The demand for oil will increase by 86 per cent from 2005 to 2050, and this growth is unlikely to be met by conventional oil. This means that the 30 per cent increase in non-conventional oil, such as heavy oil, tar sands, shale oil and arctic oil, is needed by 2050. Oil resources are decreasing steadily. Cumulative crude oil production until the end of 2005 reached 143,000 million tonnes – half of it produced within the last 23 years. This means that 47 per cent of the total reserves of conventional oil discovered so far, has been consumed. Taking into consideration also the expected resources of 82,000 million tonnes, more than 37 per cent of the EUR what is EUR? has been consumed. The depletion midpoint – when half of the EUR will have been recovered – will be reached within the next 10 to 20 years. Afterwards, the decline of conventional oil production is inevitable (EIA 2008). But supply and demand of oil resources are interconnected to coal and carbon capture systems development and investments to clean energy.

Worldwide, the use of coal as an energy source remains crucial to the economies of many developed and developing countries. Natural gas demand is increasing around the world but the major areas of trade correspond to the OECD regions: North America, Europe and Asia-Pacific.

Demand for nuclear energy is increasing. The European Commission projects a rapid increase in the use of nuclear power in electricity production until the year 2050. According to WEC, in 2007 there were 435 nuclear reactors with a net capacity of 367 GWe in operation all over the world. Of these, 346 (net capacity 310 GWe) are located in OECD countries. In 2005 the share of nuclear power in global electricity production was 16 per cent and in OECD countries the share was in 2007 as high as 21.6 per cent.

As discussed above, the first pillar is heavily challenged as the world energy consumption is increasing rapidly and relying more and more on fossil fuels. Nuclear power is the only noticeable non-fossil initiative in sight, but it has been estimated that both uranium and thorium resources would be consumed in 30 years if we would rely only on those. The second and third pillars are strongly challenged as well as they are linked to the first. Scarcity of energy would directly increase the prices, and that would make energy a more appealing weapon in the international politics. Russia has shown examples of this by cutting the gas supplies to Euro for two times already.

And when it comes to the fourth, fifth, and sixth pillars, it is quite certain that as long as fossil fuels are cheap, we are not putting enough efforts to R&D to get a new major energy source. This means we are most likely going to use all fossil fuels from the earth sooner or later. The Green movement can only try to slow this down somewhat, as a sudden brake in energy production would most likely cause a global breakdown. Thus, in the short run, what is more useful than restraining energy supply, is to get an efficient global carbon capture system, and sustainable ways to handle and utilise the energy production wastes. Yet, in the long run, we have approximately 10 to 20 years to find a new major energy source, and it should be in full operation before 2050. Otherwise we would be heading towards a total collapse of the human civilisation.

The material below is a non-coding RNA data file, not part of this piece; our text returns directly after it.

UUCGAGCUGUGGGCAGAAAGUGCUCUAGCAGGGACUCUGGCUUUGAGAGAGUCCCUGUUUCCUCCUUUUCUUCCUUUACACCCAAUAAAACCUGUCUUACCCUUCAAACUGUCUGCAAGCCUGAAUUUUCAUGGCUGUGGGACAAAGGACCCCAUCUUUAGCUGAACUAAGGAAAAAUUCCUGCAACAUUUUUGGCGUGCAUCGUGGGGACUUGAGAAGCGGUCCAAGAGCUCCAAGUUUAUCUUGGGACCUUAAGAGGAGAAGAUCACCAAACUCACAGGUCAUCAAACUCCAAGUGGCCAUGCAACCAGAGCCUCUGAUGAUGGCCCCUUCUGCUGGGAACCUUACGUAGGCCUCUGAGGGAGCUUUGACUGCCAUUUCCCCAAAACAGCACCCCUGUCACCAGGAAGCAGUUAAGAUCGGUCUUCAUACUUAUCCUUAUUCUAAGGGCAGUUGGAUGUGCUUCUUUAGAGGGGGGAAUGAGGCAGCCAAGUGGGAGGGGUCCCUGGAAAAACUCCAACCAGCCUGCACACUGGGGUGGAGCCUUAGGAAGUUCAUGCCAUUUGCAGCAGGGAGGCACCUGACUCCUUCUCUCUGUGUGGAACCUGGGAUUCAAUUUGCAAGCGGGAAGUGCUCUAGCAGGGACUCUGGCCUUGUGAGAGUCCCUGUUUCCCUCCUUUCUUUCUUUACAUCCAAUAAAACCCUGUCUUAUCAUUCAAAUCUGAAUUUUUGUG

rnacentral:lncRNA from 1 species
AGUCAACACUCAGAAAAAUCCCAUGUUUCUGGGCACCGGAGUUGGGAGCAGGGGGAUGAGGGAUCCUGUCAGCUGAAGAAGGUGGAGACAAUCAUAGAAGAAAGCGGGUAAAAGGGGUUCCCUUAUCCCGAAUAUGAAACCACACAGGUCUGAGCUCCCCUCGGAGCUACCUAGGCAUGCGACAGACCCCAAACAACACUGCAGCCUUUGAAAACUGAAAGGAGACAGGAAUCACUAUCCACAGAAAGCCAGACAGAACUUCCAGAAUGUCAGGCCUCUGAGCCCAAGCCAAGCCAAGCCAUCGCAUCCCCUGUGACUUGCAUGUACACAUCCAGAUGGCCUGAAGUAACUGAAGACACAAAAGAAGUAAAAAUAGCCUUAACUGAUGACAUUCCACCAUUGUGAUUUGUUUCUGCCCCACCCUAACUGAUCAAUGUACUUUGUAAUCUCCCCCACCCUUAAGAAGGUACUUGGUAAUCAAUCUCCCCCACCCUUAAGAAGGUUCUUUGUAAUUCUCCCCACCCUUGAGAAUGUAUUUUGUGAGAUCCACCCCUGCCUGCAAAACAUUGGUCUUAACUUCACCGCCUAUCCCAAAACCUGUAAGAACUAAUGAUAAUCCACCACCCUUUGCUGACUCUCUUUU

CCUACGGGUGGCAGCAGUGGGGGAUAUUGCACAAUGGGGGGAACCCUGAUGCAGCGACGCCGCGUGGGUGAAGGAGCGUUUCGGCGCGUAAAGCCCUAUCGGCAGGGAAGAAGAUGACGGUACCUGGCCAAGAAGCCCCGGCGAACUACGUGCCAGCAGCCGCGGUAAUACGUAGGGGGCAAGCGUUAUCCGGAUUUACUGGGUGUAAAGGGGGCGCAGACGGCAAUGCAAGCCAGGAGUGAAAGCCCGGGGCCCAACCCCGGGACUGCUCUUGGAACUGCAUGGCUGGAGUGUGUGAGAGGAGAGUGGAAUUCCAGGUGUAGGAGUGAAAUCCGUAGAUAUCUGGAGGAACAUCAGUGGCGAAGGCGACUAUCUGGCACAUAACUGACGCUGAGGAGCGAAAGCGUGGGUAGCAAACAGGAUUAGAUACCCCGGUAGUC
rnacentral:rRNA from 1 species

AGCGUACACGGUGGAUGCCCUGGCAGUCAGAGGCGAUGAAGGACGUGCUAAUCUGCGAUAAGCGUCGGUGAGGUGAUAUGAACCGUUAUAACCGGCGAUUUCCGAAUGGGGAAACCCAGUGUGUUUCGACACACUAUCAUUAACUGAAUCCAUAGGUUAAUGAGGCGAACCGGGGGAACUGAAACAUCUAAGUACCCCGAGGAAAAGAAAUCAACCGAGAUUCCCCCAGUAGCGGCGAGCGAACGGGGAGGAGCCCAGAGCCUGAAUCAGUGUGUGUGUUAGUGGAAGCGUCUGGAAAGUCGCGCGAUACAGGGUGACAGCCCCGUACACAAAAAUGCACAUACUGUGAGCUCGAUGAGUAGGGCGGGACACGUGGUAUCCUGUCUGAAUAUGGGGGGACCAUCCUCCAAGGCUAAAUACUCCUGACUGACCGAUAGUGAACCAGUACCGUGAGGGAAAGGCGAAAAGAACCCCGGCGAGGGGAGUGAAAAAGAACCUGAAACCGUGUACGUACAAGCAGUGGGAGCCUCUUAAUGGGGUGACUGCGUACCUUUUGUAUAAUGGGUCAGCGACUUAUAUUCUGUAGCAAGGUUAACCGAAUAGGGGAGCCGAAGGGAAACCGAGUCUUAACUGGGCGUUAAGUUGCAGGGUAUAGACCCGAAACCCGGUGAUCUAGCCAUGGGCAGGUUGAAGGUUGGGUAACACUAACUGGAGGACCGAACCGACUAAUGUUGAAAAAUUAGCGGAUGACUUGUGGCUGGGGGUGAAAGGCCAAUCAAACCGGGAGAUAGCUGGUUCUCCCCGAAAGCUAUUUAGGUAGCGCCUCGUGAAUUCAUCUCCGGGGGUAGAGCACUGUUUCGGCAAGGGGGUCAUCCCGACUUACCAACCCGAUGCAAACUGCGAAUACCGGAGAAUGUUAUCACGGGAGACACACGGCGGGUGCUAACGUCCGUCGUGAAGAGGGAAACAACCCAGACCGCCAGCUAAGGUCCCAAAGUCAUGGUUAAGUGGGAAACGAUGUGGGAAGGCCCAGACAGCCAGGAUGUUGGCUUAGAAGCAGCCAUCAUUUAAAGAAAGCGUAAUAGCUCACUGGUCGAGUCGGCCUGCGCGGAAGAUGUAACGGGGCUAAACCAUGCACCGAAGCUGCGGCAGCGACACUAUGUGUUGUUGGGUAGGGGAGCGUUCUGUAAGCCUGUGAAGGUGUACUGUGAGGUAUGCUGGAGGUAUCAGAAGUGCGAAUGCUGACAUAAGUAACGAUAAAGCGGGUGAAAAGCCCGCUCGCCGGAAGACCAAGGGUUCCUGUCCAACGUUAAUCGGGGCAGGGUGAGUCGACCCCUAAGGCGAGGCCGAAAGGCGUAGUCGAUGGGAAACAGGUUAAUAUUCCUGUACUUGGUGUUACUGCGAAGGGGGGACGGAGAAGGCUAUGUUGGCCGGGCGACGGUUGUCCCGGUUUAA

Tuomo Kuosa is a Post-Doctoral Fellow at the S. Rajaratnam School of International Studies (RSIS), Nanyang Technological University.

Can Nuclear Energy Enhance Human Security in Southeast Asia?

By Ryan Clarke, Nur Azha Putra, Mely Caballero-Anthony and Rajesh Basrur

Two issues come to mind when assessing the viability of nuclear energy in Southeast Asia through the lens of human security. First, can nuclear energy be deployed without compromising human safety and accelerating already-worrying signs of environmental degradation in the region? Second, can nuclear energy really enhance human security? Both questions are particularly salient as political stability in the region can be tenuous and that the region itself is vulnerable to natural disasters, namely earthquakes and typhoons.

Hence, if human security is to be understood as ultimately about human development and welfare, it naturally raises the question whether nuclear energy can enhance human development. In the context of Southeast Asia, can nuclear energy alleviate poverty? Or will it simply be a means to an end – a national strategy to secure economic growth via energy security through the diversification of respective national energy mixes and resources? Or will the nuclear energy project in the region create new conflicts and exacerbate environmental degradation, such as the controversial hydroelectric dam projects which have led to the deterioration of river ecosystems and population displacements in Laos, Cambodia and Thailand.